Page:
We recently described two new disease variants we claimed belonging to the BCR::ABL-negative myeloproliferative neoplasms (MPNs) domain [1, 2]. The first is a re-formatting of our 1991 article reporting 18 cases of an atypical myeloproliferative disorder with high risk of thrombosis and slow disease progression [3]. The second is defined by a platelet concentration ≥450 × 10E + 9/L without other blood or laboratory signs of myeloproliferation or disease activity. The cardinal feature of both variants is bone marrow megakaryocyte hyperplasia and atypia corresponding the WHO description of megakaryocytes alterations included in the diagnostic criteria for primary myelofibrosis (PMF): dense or loose clustering and frequent endosteal translocation of megakaryocytes with hyper-chromatic, hypo-lobulated, bulbous or irregularly folded nuclei and an aberrant nuclear/cytoplasmic ratio [4]. (Fig. 1). We termed the first variant clonal megakaryocyte dysplasia with normal blood values (CMD-NBV) and the second clonal megakaryocyte dysplasia with isolated thrombocytosis (CMD-IT; Table 1).

Fig. 1: Bone marrow sample of a subject with clonal megakaryocyte dysplasia with normal blood values (CMD-NBV).
figure 1

The picture show megakaryocte hyperplasia and cellular atypia.

Table 1 The proposed diagnostic criteria of clonal megakaryocyte dysplasia with normal blood values (CMD-NBV) and of clonal megakaryocyte dysplasia with isolated thrombocytosis (CMD-IT).

Our belief is that these reports represent an advance in the field of MPNs by reinforcing the concept of MPNs as an array of phenotypes and by highlighting that the number of these phenotypes is higher than previously recognized. This speculation is contrasted by the unavoidable limitations of our papers. These included retrospective analyses of a single center observational database without external validation, and bone marrow histology classified by one pathologist rather than by consensus amongst pathologists. However, the strongest criticism to our articles was these variants had insufficiently consistent phenotypic uniqueness to be considered new entities.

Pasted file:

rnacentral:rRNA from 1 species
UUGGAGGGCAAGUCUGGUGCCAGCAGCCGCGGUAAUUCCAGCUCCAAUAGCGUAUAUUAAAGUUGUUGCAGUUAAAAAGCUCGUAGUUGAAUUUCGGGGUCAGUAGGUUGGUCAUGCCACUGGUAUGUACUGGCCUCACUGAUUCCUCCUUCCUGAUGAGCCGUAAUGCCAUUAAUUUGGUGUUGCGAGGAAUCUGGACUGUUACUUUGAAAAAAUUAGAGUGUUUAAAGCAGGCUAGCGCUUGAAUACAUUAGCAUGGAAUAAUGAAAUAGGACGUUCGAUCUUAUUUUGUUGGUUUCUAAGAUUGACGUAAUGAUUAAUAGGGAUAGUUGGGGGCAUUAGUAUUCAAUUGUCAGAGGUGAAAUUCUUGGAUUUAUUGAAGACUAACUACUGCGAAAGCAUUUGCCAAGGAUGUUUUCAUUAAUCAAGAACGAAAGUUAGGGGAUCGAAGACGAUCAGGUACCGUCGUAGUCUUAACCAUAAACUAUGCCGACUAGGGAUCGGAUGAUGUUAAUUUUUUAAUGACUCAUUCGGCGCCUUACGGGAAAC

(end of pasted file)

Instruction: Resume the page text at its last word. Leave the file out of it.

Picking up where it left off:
In the last few decades genetic studies of the MPNs indicate 3 underlying driver mutations, JAK2V617F, CALR and MPL. Data from next generation sequencing (NGS) has uncovered additional molecular complexity altering how we classify the MPNs. The revised 2017 and 2022 World Health Organization (WHO) criteria reflected these advances [4, 5]. For example, pre-fibrotic myelofibrosis (pre-fibrotic MF) has been added as has MPN, unclassifiable.

Despite this progress, classification of MPNs is not biology-driven. Patho-physiological mechanisms distinguishing polycythemia vera (PV) from essential thrombocythemia (ET) and pre-fibrotic MF from ET are incompletely defined nor understood. Consequently, as in many areas of medicine, classification of the MPNs follows the statute of the nominal law which prescriptively assigns names to entities with empirical repeatability. A disease becomes an entity if its existence is plausible without needing to know its causality or biology.